Decaying vegetation, wildfires, and biological processes within the environment also generate acid rain-forming gases.
Dimethyl sulfide is a typical example of a major biological contributor to sulfur-containing elements in the atmosphere.
Lighting strikes also naturally produces nitric oxides that react with water molecules via electrical activity to produce nitric acid, thereby forming acid rain.
2. Man-Made Sources-
Human activities leading to chemical gas emissions such as sulfur and nitrogen are the primary contributors to acid rain.
The activities include air pollution sources emitting sulfur and nitrogen gases like factories, power generation facilities, and automobiles.
In particular, the use of coal for electrical power generation is the biggest contributor to gaseous emissions leading to acid rain.
Automobiles and factories also release high scores of gaseous emissions on daily basis into the air, especially in highly industrialized areas and urban regions with large numbers of car traffic.
These gases react in the atmosphere with water, oxygen, and other chemicals to form various acidic compounds such as sulfuric acid, ammonium nitrate, and nitric acid.
As a result, these areas experience exceedingly high amounts of acid rain.
The existing winds blow these acidic compounds over large areas across borders and they fall back to the ground in the form of acid rain or other forms of precipitation.
Upon reaching the earth, it flows across the surface, absorbs into the soil and enters into lakes and rivers, and finally gets mixed up with seawater.
The gases such as sulfur dioxide and nitrogen oxides are primarily gases occurring from electric power generation by burning coal and are responsible for acid rain.
3. Sources of Sulfur and Nitrogen Oxides-
Most of the nitrogen and sulfur oxides result from human activities.
The major sources of sulfur dioxide emissions are electric utilities (60%), industrial combustion (17%), and industrial processes (8%).
Agricultural activities, in particular manure handling, are the largest source of ammonia emissions but some ammonia is also given off by industry and by the transportation sector.
Ammonium sulphate, ammonium bisulphate, and ammonium nitrate are part of the atmospheric particulates.
Frequently there are particles of nitric and sulphuric acid mixed with these salts. The aerosols eventually fall out of the atmosphere and are the source of dry deposition of nitrogen and sulphur oxides.
The acids react with aluminium and calcium oxides in the soil, forming water-soluble calcium and aluminium salts of nitrate and sulphate anions.
As rain flows over and through the soil, these soluble materials dissolve and flow into bodies of water.
In regions that have a build-up of snow and ice through the winter, the wet and dry deposition of acids in the snow leads to rapid acidification of lakes and streams in the spring.
Effects of Acid Rain-
These are the places where the effect of acid rain can be clearly seen and they are-
- On vegetation
- On Humans
- On Microorganism
- Socio-Economic Impact
- Impact on soil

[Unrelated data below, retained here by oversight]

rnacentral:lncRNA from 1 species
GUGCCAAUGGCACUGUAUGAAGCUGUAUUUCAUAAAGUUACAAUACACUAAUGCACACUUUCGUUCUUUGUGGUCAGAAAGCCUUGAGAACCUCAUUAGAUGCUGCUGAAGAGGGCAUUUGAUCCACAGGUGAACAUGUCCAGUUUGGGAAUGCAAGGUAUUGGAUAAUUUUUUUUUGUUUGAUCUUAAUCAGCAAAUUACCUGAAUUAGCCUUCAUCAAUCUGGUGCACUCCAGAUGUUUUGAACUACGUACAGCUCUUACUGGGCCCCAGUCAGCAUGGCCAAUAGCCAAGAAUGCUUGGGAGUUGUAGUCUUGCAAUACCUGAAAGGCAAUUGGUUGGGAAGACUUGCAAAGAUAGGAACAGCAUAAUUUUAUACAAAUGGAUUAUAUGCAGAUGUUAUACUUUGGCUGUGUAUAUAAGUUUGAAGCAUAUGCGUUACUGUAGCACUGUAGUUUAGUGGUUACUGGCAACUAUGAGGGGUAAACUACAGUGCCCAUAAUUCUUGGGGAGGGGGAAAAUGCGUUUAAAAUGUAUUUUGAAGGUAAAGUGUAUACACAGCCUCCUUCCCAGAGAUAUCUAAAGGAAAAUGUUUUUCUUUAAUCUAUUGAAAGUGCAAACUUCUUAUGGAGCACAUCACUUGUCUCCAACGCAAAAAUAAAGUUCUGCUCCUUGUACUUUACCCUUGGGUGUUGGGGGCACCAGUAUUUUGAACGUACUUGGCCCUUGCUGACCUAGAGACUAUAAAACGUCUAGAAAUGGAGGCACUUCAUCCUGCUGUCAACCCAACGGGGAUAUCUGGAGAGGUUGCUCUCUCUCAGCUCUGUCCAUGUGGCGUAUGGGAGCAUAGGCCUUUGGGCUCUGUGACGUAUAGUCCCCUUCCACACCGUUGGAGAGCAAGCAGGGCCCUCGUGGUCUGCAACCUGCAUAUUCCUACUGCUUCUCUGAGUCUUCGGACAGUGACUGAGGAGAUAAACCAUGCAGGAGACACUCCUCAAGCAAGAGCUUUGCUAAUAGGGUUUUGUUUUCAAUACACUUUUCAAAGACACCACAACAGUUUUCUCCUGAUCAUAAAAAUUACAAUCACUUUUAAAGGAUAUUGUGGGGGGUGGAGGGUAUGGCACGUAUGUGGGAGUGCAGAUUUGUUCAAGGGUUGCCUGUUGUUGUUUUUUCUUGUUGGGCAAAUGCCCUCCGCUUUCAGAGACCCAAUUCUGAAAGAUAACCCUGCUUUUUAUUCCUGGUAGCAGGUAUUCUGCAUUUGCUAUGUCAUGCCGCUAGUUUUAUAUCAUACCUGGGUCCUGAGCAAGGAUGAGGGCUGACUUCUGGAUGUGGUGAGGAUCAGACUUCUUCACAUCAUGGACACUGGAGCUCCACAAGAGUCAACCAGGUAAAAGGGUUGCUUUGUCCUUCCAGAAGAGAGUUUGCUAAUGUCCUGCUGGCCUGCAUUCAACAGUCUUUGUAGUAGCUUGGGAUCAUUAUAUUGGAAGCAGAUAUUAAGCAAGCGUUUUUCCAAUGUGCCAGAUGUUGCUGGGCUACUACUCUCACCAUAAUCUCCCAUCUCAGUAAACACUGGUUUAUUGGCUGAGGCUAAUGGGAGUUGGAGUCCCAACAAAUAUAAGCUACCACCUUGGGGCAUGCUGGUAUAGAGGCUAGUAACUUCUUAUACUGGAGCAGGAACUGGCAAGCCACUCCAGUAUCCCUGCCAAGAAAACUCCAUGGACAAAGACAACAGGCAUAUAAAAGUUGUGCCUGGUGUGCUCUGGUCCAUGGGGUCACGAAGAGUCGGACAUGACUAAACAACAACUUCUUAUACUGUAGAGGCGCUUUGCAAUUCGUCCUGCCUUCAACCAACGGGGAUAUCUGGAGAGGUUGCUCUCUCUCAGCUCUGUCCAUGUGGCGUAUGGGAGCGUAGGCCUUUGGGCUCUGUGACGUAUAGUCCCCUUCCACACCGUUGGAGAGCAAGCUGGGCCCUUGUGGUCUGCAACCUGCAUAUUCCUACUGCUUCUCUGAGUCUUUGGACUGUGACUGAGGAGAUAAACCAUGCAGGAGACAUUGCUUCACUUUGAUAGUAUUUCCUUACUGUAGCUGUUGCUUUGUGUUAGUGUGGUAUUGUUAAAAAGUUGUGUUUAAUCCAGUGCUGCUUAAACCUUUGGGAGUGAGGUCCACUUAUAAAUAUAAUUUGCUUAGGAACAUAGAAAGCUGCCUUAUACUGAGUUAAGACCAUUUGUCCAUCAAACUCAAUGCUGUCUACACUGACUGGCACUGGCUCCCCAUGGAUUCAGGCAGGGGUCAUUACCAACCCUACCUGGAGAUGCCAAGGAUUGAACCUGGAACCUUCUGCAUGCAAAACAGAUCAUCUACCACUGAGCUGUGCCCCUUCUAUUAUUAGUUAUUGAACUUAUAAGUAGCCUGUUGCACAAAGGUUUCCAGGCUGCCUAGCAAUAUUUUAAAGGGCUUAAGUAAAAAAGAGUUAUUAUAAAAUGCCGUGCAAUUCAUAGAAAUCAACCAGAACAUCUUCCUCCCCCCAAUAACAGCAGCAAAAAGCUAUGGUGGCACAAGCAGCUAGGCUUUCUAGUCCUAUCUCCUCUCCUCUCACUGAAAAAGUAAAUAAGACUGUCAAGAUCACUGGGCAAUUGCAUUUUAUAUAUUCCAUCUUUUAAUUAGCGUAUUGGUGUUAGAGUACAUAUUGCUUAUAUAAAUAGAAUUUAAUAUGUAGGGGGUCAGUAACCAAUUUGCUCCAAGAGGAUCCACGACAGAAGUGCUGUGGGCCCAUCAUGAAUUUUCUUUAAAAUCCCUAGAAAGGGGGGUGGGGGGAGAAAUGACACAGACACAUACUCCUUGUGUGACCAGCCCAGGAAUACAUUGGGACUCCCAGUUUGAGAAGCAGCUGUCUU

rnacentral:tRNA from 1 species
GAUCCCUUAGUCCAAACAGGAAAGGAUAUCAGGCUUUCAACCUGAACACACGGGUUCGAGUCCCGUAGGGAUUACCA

- Effect on Public Health
- Effect on Forests
- Acid Rain Damage on Metals
- Effects on Fish and Other Aquatic Life
- Effects on Plants and Trees
- Effect on Water Resources
1. Effect On Vegetation-
Acid rain affects trees and undergrowth in forests in several ways, causing reduced growth or abnormal growth:
- Discoloration and loss of foliar mass.
- Loss of feeder root biomass especially in conifers.
- Premature senescence (aging) of older needles in conifers.
- Increase in susceptibility of damage to the secondary root and foliar pathogen.
- Death of herbaceous vegetation beneath affected trees.
2. Effect On Humans-
- Bad smell, reduced visibility, irritation of skin, eyes, and respiratory tract.
- Diseases include chronic bronchitis, pulmonary emphysema, and cancer.
- Some indirect effects like food poisoning, and infiltration of drinking water.
- An increase in the level of toxic heavy metals like manganese, copper, cadmium, and aluminium also contribute to detrimental effects on humans.
3. Effect On Micro-Organism-
- Ph determines the proliferation of any microbial species in a particular environment rate at which it can reproduce.
- The optimum ph of most bacteria and protozoa is near neutrality, most fungi prefer an acidic environment, and most blur-green algae prefer an alkaline environment.
- Due to Continuous acid rain, microbial species in the soil and water shift from bacteria-bound to fungi-bound and cause an imbalance in the microflora.
- This cause a delay in the decomposition of soil organic material, and an increase in fungal disease in aquatic life and forests.
4. Effect On Socio-Economic-
- The adverse effect of acid on farming and fishing leads to the deterioration of life quality indices like GNP and per capita income, especially in predominantly agricultural and developing countries like INDIA.
5. Effect On Soil-
- The exchange between hydrogen ions and the nutrients cations like potassium and magnesium in the soil cause leaching of the nutrients, making the soil infertile. . This is accompanied by a decrease in the respiration of soil organisms.
- An increase in ammonia in the soil due to a decrease in other nutrients decreases the rate of decomposition.